ZipRecruiter Rises 8.5% in Trading in Direct Listing Debut
(Bloomberg) -- ZipRecruiter Inc. rose as much as 8.5% after the job-search and recruiting firm opened trading, becoming the fourth company to go public via a direct listing this year.
ZipRecruiter’s shares opened at $20 apiece on Wednesday and went as high as $21.69. They closed at $21.10 in New York.
At its current share price, ZipRecruiter’s valuation is about $2.8 billion, based on the shares listed in a statement. That’s an increase from when ZipRecruiter was valued in a 2018 funding round at $1.5 billion.
ZipRecruiter’s listing follows those by website-hosting service Squarespace Inc., cryptocurrency exchange Coinbase Global Inc. and online game maker Roblox Corp., which went public through direct listings this year.
The Santa Monica, California-based company became profitable in 2020, even as its revenue declined slightly, according to its filings. Since its founding in 2010, more than 2.8 million businesses and 110 million job seekers have used ZipRecruiter, the company said.
ZipRecruiter is benefiting from employers doing a lot of hiring right now, according to Eric Liaw, a board member at ZipRecruiter and general partner at Institutional Venture Partners.
“There’s a lot of employer demand right now,” he said.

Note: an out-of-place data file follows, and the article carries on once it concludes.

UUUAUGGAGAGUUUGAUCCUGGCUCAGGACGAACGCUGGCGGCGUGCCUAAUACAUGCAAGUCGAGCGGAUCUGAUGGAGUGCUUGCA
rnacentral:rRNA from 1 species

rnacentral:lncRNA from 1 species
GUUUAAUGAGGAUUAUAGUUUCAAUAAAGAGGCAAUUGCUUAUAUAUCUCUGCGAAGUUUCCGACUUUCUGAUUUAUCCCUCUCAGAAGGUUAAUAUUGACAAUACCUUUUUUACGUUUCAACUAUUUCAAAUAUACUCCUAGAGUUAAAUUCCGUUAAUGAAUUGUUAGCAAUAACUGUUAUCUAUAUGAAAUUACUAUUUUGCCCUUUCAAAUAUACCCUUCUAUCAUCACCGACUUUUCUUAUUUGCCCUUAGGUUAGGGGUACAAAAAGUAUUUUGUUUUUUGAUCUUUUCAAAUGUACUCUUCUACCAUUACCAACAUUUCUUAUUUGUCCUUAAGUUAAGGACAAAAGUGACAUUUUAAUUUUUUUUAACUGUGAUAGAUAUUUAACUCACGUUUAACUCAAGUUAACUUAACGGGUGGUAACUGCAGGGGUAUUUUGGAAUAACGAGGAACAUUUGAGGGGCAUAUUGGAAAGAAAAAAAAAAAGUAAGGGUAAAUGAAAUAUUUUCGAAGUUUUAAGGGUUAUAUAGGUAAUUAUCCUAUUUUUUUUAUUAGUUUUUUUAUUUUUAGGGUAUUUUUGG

The New York Stock Exchange on Tuesday assigned a reference price of $18 for the shares. Reference prices in direct listings can serve as a guide for investors, but they are not a sale price.
Current investors simply began selling shares based on demand when trading opened, without waiting for a lockup period to expire. The company’s Class B shares were trading privately during the first quarter at $9 apiece, according to the filings with the U.S. Securities and Exchange Commission.
Direct listings, which are an alternative route to public markets, were pioneered by Spotify Technology SA in 2018 and Slack Technologies Inc. the following year. In 2020, Palantir Technologies Inc. and Asana Inc. also went public this way.
Chief Executive Officer Ian Siegel and other executives, along with investors such as Institutional Venture Partners will continue to control the company through Class B shares, which carry 20 votes each compared to one each for the Class A shares to be sold to the public.
Siegel said the company doesn’t have plans to raise funds immediately.
“We’re profitable,” he said in an interview. “We intend to stay profitable. And we have more cash in the bank right now than we’ve ever raised in primary capital over the company’s entire history.”
The company could look at expanding beyond the U.S. to emerging job markets, which Siegel likens to the U.S. a decade a ago.
“You have a lot of discrete places where companies would list their jobs to source talent, but no magic button you can push to distribute a job to other sources all at once and then collect all of the candidates in one list,” he said.
Last year, it had net income of $86 million on revenue of $418 million, compared with a net loss of $6.3 million on revenue of $430 million in 2019, according to its filing.
While banks don’t underwrite direct listings as they do in IPOs, they do advise the company on the process. ZipRecruiter’s advisers included Goldman Sachs Group Inc. and JPMorgan Chase & Co., according to the filing.
ZipRecruiter’s shares are trading on the NYSE under the symbol ZIP.
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